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Lancet Microbe ; 2(10): e527-e535, 2021 10.
Article in English | MEDLINE | ID: covidwho-1307293


BACKGROUND: Mutations accrued by SARS-CoV-2 lineage P.1-first detected in Brazil in early January, 2021-include amino acid changes in the receptor-binding domain of the viral spike protein that also are reported in other variants of concern, including B.1.1.7 and B.1.351. We aimed to investigate whether isolates of wild-type P.1 lineage SARS-CoV-2 can escape from neutralising antibodies generated by a polyclonal immune response. METHODS: We did an immunological study to assess the neutralising effects of antibodies on lineage P.1 and lineage B isolates of SARS-CoV-2, using plasma samples from patients previously infected with or vaccinated against SARS-CoV-2. Two specimens (P.1/28 and P.1/30) containing SARS-CoV-2 lineage P.1 (as confirmed by viral genome sequencing) were obtained from nasopharyngeal and bronchoalveolar lavage samples collected from patients in Manaus, Brazil, and compared against an isolate of SARS-CoV-2 lineage B (SARS.CoV2/SP02.2020) recovered from a patient in Brazil in February, 2020. Isolates were incubated with plasma samples from 21 blood donors who had previously had COVID-19 and from a total of 53 recipients of the chemically inactivated SARS-CoV-2 vaccine CoronaVac: 18 individuals after receipt of a single dose and an additional 20 individuals (38 in total) after receipt of two doses (collected 17-38 days after the most recent dose); and 15 individuals who received two doses during the phase 3 trial of the vaccine (collected 134-230 days after the second dose). Antibody neutralisation of P.1/28, P.1/30, and B isolates by plasma samples were compared in terms of median virus neutralisation titre (VNT50, defined as the reciprocal value of the sample dilution that showed 50% protection against cytopathic effects). FINDINGS: In terms of VNT50, plasma from individuals previously infected with SARS-CoV-2 had an 8·6 times lower neutralising capacity against the P.1 isolates (median VNT50 30 [IQR <20-45] for P.1/28 and 30 [<20-40] for P.1/30) than against the lineage B isolate (260 [160-400]), with a binominal model showing significant reductions in lineage P.1 isolates compared with the lineage B isolate (p≤0·0001). Efficient neutralisation of P.1 isolates was not seen with plasma samples collected from individuals vaccinated with a first dose of CoronaVac 20-23 days earlier (VNT50s below the limit of detection [<20] for most plasma samples), a second dose 17-38 days earlier (median VNT50 24 [IQR <20-25] for P.1/28 and 28 [<20-25] for P.1/30), or a second dose 134-260 days earlier (all VNT50s below limit of detection). Median VNT50s against the lineage B isolate were 20 (IQR 20-30) after a first dose of CoronaVac 20-23 days earlier, 75 (<20-263) after a second dose 17-38 days earlier, and 20 (<20-30) after a second dose 134-260 days earlier. In plasma collected 17-38 days after a second dose of CoronaVac, neutralising capacity against both P.1 isolates was significantly decreased (p=0·0051 for P.1/28 and p=0·0336 for P.1/30) compared with that against the lineage B isolate. All data were corroborated by results obtained through plaque reduction neutralisation tests. INTERPRETATION: SARS-CoV-2 lineage P.1 might escape neutralisation by antibodies generated in response to polyclonal stimulation against previously circulating variants of SARS-CoV-2. Continuous genomic surveillance of SARS-CoV-2 combined with antibody neutralisation assays could help to guide national immunisation programmes. FUNDING: São Paulo Research Foundation, Brazilian Ministry of Science, Technology and Innovation and Funding Authority for Studies, Medical Research Council, National Council for Scientific and Technological Development, National Institutes of Health. TRANSLATION: For the Portuguese translation of the abstract see Supplementary Materials section.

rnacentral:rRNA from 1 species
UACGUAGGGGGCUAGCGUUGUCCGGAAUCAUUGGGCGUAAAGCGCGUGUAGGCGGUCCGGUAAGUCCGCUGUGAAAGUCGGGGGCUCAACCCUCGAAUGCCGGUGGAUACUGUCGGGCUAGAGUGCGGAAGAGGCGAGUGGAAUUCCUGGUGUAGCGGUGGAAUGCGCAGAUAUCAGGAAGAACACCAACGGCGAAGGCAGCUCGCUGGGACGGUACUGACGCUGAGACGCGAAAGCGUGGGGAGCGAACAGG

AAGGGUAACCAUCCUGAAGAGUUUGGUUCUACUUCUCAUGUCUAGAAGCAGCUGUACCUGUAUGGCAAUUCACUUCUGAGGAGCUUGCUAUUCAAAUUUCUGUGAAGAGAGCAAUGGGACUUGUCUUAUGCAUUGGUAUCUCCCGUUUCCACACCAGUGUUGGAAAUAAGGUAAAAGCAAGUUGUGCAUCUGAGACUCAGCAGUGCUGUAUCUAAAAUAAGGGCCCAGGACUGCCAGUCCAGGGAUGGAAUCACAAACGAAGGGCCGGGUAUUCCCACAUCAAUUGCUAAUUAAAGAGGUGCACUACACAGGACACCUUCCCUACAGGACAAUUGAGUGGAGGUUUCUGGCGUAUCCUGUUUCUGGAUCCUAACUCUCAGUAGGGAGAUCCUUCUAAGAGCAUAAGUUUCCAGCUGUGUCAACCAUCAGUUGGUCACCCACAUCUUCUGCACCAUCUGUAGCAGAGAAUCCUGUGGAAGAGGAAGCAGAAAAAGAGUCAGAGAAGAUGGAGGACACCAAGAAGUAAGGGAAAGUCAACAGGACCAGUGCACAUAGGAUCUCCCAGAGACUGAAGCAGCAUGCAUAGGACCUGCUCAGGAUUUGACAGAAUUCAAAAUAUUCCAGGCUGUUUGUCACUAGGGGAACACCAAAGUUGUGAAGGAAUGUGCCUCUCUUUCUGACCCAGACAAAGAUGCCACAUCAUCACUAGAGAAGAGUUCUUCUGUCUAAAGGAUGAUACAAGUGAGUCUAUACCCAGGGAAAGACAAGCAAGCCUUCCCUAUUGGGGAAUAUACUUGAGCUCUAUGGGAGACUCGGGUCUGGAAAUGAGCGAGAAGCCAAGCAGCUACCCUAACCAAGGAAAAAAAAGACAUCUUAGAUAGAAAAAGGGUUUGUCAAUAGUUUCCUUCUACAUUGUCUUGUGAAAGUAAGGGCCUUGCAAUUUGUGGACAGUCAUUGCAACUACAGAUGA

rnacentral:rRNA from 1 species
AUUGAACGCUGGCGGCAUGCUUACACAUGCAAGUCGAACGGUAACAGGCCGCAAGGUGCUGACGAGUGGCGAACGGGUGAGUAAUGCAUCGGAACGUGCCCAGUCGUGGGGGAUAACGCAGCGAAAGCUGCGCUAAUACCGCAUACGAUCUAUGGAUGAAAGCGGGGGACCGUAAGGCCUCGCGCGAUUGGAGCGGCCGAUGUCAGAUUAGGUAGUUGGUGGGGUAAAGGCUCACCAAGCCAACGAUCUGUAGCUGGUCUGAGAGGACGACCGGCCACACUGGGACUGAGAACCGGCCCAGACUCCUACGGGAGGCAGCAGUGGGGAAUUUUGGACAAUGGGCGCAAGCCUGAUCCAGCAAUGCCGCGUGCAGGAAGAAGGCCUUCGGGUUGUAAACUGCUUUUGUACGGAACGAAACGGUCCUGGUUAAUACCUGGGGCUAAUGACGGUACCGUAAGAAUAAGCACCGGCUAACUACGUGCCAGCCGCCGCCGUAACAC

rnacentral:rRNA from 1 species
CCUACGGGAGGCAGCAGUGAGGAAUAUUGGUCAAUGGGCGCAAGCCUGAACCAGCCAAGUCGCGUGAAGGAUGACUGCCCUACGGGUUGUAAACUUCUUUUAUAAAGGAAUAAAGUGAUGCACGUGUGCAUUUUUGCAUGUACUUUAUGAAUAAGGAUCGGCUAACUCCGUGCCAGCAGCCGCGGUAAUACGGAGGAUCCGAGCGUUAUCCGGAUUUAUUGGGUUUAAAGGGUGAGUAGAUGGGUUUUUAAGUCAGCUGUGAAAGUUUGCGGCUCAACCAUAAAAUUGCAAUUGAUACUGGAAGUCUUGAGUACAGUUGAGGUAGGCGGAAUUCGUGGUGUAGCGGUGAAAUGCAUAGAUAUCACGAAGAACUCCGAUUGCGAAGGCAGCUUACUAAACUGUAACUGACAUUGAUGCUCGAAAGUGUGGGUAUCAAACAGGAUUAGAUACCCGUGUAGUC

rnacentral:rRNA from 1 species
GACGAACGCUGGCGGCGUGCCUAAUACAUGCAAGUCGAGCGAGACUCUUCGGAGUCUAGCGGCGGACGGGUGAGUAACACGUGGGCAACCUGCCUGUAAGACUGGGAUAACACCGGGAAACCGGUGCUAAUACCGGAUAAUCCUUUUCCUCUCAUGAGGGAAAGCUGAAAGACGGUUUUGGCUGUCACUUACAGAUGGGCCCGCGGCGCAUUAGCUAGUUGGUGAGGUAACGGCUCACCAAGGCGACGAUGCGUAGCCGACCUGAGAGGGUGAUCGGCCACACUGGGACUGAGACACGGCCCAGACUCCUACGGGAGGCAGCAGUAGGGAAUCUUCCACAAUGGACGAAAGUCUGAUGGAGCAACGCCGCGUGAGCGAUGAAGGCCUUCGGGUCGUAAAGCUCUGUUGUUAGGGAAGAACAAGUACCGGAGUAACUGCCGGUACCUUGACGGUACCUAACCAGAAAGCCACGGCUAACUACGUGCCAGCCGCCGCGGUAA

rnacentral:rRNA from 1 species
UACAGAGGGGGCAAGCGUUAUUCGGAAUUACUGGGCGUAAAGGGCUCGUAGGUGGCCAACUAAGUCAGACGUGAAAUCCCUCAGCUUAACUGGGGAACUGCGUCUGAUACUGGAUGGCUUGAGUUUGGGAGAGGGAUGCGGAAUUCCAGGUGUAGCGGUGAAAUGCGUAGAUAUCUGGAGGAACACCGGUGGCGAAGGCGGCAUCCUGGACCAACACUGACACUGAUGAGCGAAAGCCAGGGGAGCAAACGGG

COVID-19 , SARS-CoV-2 , Antibodies, Neutralizing , Antibodies, Viral , Brazil/epidemiology , COVID-19/prevention & control , COVID-19 Vaccines , Humans , SARS-CoV-2/genetics , United States , Vaccination
Science ; 372(6544): 815-821, 2021 05 21.
Article in English | MEDLINE | ID: covidwho-1186201


Cases of severe acute respiratory syndrome coronavirus 2 (SARS-CoV-2) infection in Manaus, Brazil, resurged in late 2020 despite previously high levels of infection. Genome sequencing of viruses sampled in Manaus between November 2020 and January 2021 revealed the emergence and circulation of a novel SARS-CoV-2 variant of concern. Lineage P.1 acquired 17 mutations, including a trio in the spike protein (K417T, E484K, and N501Y) associated with increased binding to the human ACE2 (angiotensin-converting enzyme 2) receptor. Molecular clock analysis shows that P.1 emergence occurred around mid-November 2020 and was preceded by a period of faster molecular evolution. Using a two-category dynamical model that integrates genomic and mortality data, we estimate that P.1 may be 1.7- to 2.4-fold more transmissible and that previous (non-P.1) infection provides 54 to 79% of the protection against infection with P.1 that it provides against non-P.1 lineages. Enhanced global genomic surveillance of variants of concern, which may exhibit increased transmissibility and/or immune evasion, is critical to accelerate pandemic responsiveness.

COVID-19/epidemiology , COVID-19/virology , Communicable Diseases, Emerging/epidemiology , Communicable Diseases, Emerging/virology , SARS-CoV-2/classification , SARS-CoV-2/genetics , Spike Glycoprotein, Coronavirus/genetics , Angiotensin-Converting Enzyme 2/metabolism , Brazil/epidemiology , Epidemiological Monitoring , Genome, Viral , Genomics , Humans , Models, Theoretical , Molecular Epidemiology , Mutation , Protein Binding , SARS-CoV-2/isolation & purification , Spike Glycoprotein, Coronavirus/metabolism , Viral Load